Wednesday, September 22, 2010

Finding a Basement

I had a dream over the weekend.  No, actually, it wasn't a dream.  It was a nightmare.  In the dream, my husband and I were both standing in our living room.  The front door was standing open and a roaring wind was coming through the door and whirling all around us.  We could see our younger son standing next to his girlfriend on the front porch.  On beyond them, bearing down on them just a very short distance away was the biggest, blackest tornado I've ever seen.  Our other son, we knew, was also outside somewhere in the yard, but he was out of sight.


My husband was yelling, "FUNNEL CLOUD!  FUNNEL CLOUD!  FUNNEL CLOUD!"


I started yelling too, "COME IN THE HOUSE! COME IN THE HOUSE!  COME IN THE HOUSE!"


Our sons (and the girlfriend too) ignored us.  They just wouldn't listen.  My younger son and his girlfriend just stood there staring at the tornado, in awe of it, mesmerized by it, wanting to see it, be a part of it, experience it.  I didn't know if our other son could even hear our yelling.  He may have been too far away to hear us over the roar of the wind.  I knew he was outside somewhere, but I couldn't see him from where I was standing.  I knew he was in danger too.


I wanted to run out there and grab them and pull them physically into the house and herd them down to the basement where they would be safe, but it was one of those nightmares that I have occasionally when I was paralyzed.  I was unable to move and was rooted to the floor right where I was standing.


Just as the tornado was about to sweep away my son and his girlfriend (and I presume my other son, as well), I woke up.  My heart was racing, and, of course, it took a moment or two for me to realize that it had been a bad dream.


I knew almost instantly what the dream was about.  It certainly wouldn't take a rocket surgeon (huh? a what?) to figure that one out. No, I didn't need Joseph with his coat of many colors to interpret my dream or my psychologist husband to tell me what it meant.  It was immediately very clear to me what was on my mind.


Obviously, I was thinking about my sons growing up and moving out of the house and being on their own.  It was very clear to me and to my family, too, when I told them about the dream.  They were amused by my nightmare and teased me about it.  My son's girlfriend said to me, "You don't have to worry about us.  We'll be OK."


My older son, who was out of sight in my dream, is a college student.  He's away, out of my sight, where he metaphorically can't hear the good advice I am trying to give him, just like in my dream.  


My younger son and his girlfriend in my dream were still within my line of vision, on the porch, but I couldn't get to them.  All I could do was stand by and watch what would happen to them next.  So even though they were still technically "at home," there on the front porch, they were on the fringes and out of my reach.  


They were looking away from the house toward a challenge or adventure in the future, not back to the safety and comfort of our home.  That is pretty much where they are now too, looking ahead and not looking back.  Although he is only sixteen and still lives at home, my son will soon have his driver's license.  He is already making plans for when and where he will go to college and what he will study there.  His girlfriend too, is making plans.  They are making plans together for their future.  These are decisions they have to make for themselves.  It's not up to me anymore.  I no longer have a vote.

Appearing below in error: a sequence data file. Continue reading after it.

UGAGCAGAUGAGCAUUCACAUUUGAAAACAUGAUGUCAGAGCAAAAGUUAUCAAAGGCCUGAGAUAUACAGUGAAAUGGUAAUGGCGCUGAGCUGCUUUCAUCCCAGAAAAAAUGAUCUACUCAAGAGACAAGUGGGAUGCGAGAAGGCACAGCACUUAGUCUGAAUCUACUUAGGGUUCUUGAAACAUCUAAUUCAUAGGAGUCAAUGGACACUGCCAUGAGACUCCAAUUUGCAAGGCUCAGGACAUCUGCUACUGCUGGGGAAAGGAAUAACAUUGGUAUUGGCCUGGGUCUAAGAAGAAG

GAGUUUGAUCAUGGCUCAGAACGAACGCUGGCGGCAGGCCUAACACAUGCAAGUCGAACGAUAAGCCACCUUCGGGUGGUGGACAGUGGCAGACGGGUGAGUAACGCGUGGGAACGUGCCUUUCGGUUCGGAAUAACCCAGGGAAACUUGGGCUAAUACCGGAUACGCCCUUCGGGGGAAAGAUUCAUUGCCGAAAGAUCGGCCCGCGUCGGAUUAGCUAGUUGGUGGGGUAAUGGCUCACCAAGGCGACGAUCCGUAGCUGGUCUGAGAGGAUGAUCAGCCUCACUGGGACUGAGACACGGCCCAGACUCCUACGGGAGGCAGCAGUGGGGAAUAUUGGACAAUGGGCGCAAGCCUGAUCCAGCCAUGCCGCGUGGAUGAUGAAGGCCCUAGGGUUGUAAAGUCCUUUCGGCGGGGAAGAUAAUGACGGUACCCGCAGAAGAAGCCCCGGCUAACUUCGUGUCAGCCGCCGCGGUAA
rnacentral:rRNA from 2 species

They are getting ready to "fly from the nest" even if it means doing it straight into the face of a very big and very bad storm as they were in my dream.  But then, that's how life is.  You don't get to choose the weather.  All you can do is face it and ride it out.  You take what you are given and try to make the best of it.


I know that things are just the way they are supposed to be.  I have been teaching my sons how to be on their own and independent since they were first born.  I guess no one told me that one of the hardest things about being a parent is when you have to learn how to stop being one.  Of course, I will always be their mother, and they will always be my sons, and it will be a few years yet before they are both completely independent.  There does come a time, though, when they have to work things out on their own.  No matter how much I want them to learn from my mistakes, they have to make their own mistakes.  That's just how it works.


Even though, in the face of a storm, I want to pull them in and usher them to the basement where it is safe.  It is very clear to me that that is probably not in their best interest.  We've all heard the stories of the 30 year old men who live in their mom's basement because they can't seem to figure out how to make it out in the world on their own.  They have stalled in life, unable to move forward. I don't want that to be my sons' fate.  As hard as it is for them and for me (and at this point, I think it is more difficult for me than it is for them), they need to be able to face their futures head on.


Perhaps there is still enough time that I can teach them to chase rainbows instead of tornadoes, but they're bound to come upon a storm now and again.  I don't want them to get swept up and carried away in the tornadoes of our world, being tossed around and banged up along the way, but I suppose it is inevitable, at least in part.  I just hope they can figure out how to take refuge from the storms when they come around.  I hope they learn how to keep themselves safe. I hope they can find a basement of their own when the time comes that they really need one.